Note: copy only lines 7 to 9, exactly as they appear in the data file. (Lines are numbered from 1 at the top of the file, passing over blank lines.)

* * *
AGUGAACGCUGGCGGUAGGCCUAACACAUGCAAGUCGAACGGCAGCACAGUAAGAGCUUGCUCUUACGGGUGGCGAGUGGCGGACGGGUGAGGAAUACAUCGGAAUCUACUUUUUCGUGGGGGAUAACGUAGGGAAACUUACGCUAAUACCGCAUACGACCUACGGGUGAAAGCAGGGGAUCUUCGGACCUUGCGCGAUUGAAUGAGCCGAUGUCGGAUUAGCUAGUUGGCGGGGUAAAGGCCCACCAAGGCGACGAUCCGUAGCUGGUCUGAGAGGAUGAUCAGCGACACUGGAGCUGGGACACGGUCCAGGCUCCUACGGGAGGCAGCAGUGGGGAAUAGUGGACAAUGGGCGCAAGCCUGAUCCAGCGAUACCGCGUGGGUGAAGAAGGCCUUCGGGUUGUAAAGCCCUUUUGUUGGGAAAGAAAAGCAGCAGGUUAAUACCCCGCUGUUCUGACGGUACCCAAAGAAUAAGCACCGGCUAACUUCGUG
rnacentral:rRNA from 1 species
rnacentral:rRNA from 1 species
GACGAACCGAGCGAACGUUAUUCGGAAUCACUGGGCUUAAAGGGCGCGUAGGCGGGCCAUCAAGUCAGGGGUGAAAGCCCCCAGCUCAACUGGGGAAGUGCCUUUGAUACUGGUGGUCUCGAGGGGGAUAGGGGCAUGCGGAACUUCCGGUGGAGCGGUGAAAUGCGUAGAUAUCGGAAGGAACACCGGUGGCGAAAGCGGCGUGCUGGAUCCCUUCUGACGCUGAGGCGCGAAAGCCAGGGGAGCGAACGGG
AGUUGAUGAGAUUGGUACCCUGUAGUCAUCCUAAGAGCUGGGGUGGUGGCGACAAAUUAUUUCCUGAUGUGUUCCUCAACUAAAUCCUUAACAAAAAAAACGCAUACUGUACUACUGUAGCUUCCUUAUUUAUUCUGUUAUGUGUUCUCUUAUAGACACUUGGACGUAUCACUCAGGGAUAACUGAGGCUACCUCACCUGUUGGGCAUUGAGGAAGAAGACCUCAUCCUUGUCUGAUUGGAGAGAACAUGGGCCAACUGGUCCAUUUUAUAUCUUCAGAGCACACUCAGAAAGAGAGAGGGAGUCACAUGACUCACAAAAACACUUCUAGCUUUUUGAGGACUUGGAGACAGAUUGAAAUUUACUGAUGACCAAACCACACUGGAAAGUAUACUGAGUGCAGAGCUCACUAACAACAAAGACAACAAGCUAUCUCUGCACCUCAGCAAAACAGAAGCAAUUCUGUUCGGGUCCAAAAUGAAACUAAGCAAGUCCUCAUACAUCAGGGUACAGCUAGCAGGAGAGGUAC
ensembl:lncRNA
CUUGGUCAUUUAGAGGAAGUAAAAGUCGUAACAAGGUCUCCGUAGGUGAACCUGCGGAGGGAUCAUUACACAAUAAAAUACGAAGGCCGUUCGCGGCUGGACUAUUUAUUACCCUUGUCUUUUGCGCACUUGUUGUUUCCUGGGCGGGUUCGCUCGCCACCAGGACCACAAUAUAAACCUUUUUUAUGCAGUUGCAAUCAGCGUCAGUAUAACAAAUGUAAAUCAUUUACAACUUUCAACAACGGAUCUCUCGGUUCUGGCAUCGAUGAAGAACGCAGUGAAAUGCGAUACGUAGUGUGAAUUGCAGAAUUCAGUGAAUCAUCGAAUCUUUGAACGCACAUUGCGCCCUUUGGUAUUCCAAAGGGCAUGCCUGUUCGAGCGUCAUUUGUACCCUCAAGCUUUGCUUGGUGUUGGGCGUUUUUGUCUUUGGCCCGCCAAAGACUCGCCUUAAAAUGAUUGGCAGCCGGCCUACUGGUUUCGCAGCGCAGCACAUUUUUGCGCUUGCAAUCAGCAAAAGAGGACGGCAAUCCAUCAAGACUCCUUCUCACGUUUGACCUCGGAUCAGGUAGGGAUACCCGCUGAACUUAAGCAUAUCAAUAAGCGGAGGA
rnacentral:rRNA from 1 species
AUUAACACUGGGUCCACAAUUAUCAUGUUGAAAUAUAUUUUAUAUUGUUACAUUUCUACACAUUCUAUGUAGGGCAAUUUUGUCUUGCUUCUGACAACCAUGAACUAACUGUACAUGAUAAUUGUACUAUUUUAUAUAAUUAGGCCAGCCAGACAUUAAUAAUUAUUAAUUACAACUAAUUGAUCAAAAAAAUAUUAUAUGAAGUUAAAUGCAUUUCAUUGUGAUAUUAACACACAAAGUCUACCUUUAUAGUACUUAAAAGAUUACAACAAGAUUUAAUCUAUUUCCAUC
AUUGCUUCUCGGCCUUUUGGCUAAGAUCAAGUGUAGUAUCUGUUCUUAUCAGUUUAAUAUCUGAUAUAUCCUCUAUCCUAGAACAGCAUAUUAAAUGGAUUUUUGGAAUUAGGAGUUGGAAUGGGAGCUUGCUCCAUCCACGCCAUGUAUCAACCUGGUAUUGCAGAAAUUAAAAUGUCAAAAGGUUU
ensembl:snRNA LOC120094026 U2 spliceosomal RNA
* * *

CUUGGUCAUUUAGAGGAAGUAAAAGUCGUAACAAGGUCUCCGUAGGUGAACCUGCGGAGGGAUCAUUACACAAUAAAAUACGAAGGCCGUUCGCGGCUGGACUAUUUAUUACCCUUGUCUUUUGCGCACUUGUUGUUUCCUGGGCGGGUUCGCUCGCCACCAGGACCACAAUAUAAACCUUUUUUAUGCAGUUGCAAUCAGCGUCAGUAUAACAAAUGUAAAUCAUUUACAACUUUCAACAACGGAUCUCUCGGUUCUGGCAUCGAUGAAGAACGCAGUGAAAUGCGAUACGUAGUGUGAAUUGCAGAAUUCAGUGAAUCAUCGAAUCUUUGAACGCACAUUGCGCCCUUUGGUAUUCCAAAGGGCAUGCCUGUUCGAGCGUCAUUUGUACCCUCAAGCUUUGCUUGGUGUUGGGCGUUUUUGUCUUUGGCCCGCCAAAGACUCGCCUUAAAAUGAUUGGCAGCCGGCCUACUGGUUUCGCAGCGCAGCACAUUUUUGCGCUUGCAAUCAGCAAAAGAGGACGGCAAUCCAUCAAGACUCCUUCUCACGUUUGACCUCGGAUCAGGUAGGGAUACCCGCUGAACUUAAGCAUAUCAAUAAGCGGAGGA
rnacentral:rRNA from 1 species
AUUAACACUGGGUCCACAAUUAUCAUGUUGAAAUAUAUUUUAUAUUGUUACAUUUCUACACAUUCUAUGUAGGGCAAUUUUGUCUUGCUUCUGACAACCAUGAACUAACUGUACAUGAUAAUUGUACUAUUUUAUAUAAUUAGGCCAGCCAGACAUUAAUAAUUAUUAAUUACAACUAAUUGAUCAAAAAAAUAUUAUAUGAAGUUAAAUGCAUUUCAUUGUGAUAUUAACACACAAAGUCUACCUUUAUAGUACUUAAAAGAUUACAACAAGAUUUAAUCUAUUUCCAUC